About Stephen Leon

Stephen Leon, a freelancer based in Albany, covers various issues for Adirondack Explorer. Previously, he was editor and publisher of the Albany alternative newsweekly Metroland. He can be reached at stephenleon7@gmail.com.

Reader Interactions


  1. Scot Slater says

    Great dream, I sure would like to see the rail trails developed. They surly would be a world class destination. Thanks for the promotion.

  2. LeRoy Hogan says

    Rail bikes … what about … rail bikes?
    Rail explorers is doing very well everywhere else for example in the Catskills of NY State. With the rail bikes a trail can be had within the same corridor. Side by side.

    • Scott Thompson says

      Fun I’m sure, but everyone has to go at the same time, travel at the same pace, go to the same points for the same amount of time and rent space on someone else’s equipment and only go if the operator says so. Isn’t a lot of the Adirondacks about the freedom to enjoy it the way you want to? I can’t see the need for Railroad infrastructure. There could be a small motor tram if there is a need.

  3. Scott Thompson says

    This could be our future rather than going back in time ( which can’t be done) to another unsuccessful attempt at a tourist railroad.
    Still time to write to your representatives.

      • Al Worthington says

        Mr Hogan, for the most part, nothing is real in Las Vegas. Witness, for example, the Eiffel Tower. And so it’s not surprising rail bikes are reported as being successful there. Rail bikes aren’t real bikes either. And how can anyone draw a comparison between what goes on in that forsaken place and the glorious Adirondacks?

  4. Andrew Willard says

    If i’m traveling to the ADK for riding a bike, it is going to be for the mountains – both the views and the challenge of the hill climbs. I can get enough of the flat trails anywhere.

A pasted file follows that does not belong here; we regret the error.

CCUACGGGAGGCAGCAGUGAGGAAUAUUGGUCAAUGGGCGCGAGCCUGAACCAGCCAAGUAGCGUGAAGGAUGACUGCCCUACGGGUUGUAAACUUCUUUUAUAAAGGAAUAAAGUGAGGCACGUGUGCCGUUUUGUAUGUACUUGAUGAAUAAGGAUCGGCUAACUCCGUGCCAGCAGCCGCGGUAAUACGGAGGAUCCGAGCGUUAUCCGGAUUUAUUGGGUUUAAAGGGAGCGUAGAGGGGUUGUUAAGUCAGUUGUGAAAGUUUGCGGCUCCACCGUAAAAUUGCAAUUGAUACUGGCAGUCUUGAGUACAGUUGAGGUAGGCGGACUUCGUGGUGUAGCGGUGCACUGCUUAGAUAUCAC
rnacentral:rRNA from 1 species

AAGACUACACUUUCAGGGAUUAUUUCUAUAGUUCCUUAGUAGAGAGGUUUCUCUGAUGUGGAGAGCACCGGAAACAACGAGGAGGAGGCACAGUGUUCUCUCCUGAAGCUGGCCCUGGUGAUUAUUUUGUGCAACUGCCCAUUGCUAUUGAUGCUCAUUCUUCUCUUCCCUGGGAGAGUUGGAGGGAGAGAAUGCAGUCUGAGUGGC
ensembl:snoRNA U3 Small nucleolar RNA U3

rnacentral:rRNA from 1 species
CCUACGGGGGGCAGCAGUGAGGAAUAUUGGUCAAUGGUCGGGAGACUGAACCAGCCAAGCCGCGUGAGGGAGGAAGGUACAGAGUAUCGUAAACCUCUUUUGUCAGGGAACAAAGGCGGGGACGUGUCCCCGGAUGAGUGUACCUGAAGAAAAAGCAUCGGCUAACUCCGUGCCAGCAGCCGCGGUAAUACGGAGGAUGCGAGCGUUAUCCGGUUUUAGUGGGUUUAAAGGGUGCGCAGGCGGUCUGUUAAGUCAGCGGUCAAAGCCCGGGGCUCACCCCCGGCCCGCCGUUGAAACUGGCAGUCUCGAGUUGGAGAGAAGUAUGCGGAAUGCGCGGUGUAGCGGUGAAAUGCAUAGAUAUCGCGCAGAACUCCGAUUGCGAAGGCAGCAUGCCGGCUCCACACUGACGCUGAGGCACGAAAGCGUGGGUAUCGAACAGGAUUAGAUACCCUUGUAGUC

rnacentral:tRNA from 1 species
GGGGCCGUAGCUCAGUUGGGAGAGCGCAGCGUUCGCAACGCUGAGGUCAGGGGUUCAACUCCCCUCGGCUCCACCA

5. Paul says

    Very few people have ever even been out in these remote part of the park. Especially the western part. I am one of the few people who has, multiple times. People cannot fathom the level of danger that these completely pristine areas present to humans. THE ONLY WAY TO SURVIVE IS IN AN ENCLOSED RAIL TRUCK. Only die hard survivalist who are from the area, and railroad employees should every venture out to these locations. The bugs are the same type you will find in the Canadian taiga, and will literally follow you for miles and eat humans alive. Can’t even keep them out of a truck to save your life. People who think that it’s even possible to ever bike a simple mile in some of these areas simply have no idea what they are getting into and should stay far away.

    • Wilson says

      HAHAHAHA – Paul not sure if this is meant as a joke but I hope so because its hilarious and possibly the funniest comment on the rail-trail debate I’ve seen yet! Either way I’m LOLing hard.

  6. Al Worthington says

    Rail bikes are a pathetic joke to most cyclists and a means for railroad enthusiasts to attempt to delay the inevitable; a robust rail trail system in upstate NY, including the Adirondacks.

  7. Dave Kraus says

    This is a great vision and deserves a concerted effort to make it real. But it will not happen safely unless the connecting highways are maintained and improved to match the quality of any new trails. I’m not sure when the last time was that Peter Bauer rode his bicycle from Indian Lake to North River, but the pavement is in atrocious condition and has been for the past five years. Additionally, where passing lanes are built on the climbs, the shoulder width shrinks to less than half of it’s normal width. As it is now, I would warn any cyclist away from riding that ten mile stretch of Rt. 28.

  8. chas says

    I fully support the dream as described. Are there any data, or projections, about the possible influx of tourists that might be expected?

  9. CK says

    It’s simple, if trains aren’t using these tracks, they should be turned over to the state and converted to multi-use trails. This is a great plan. We all understand the important of historic preservation but trains are not coming back to the region. I’d like to see a network of long interconnected loops of singletrack mountain bike trails throughout the park instead of these tiny little zones.

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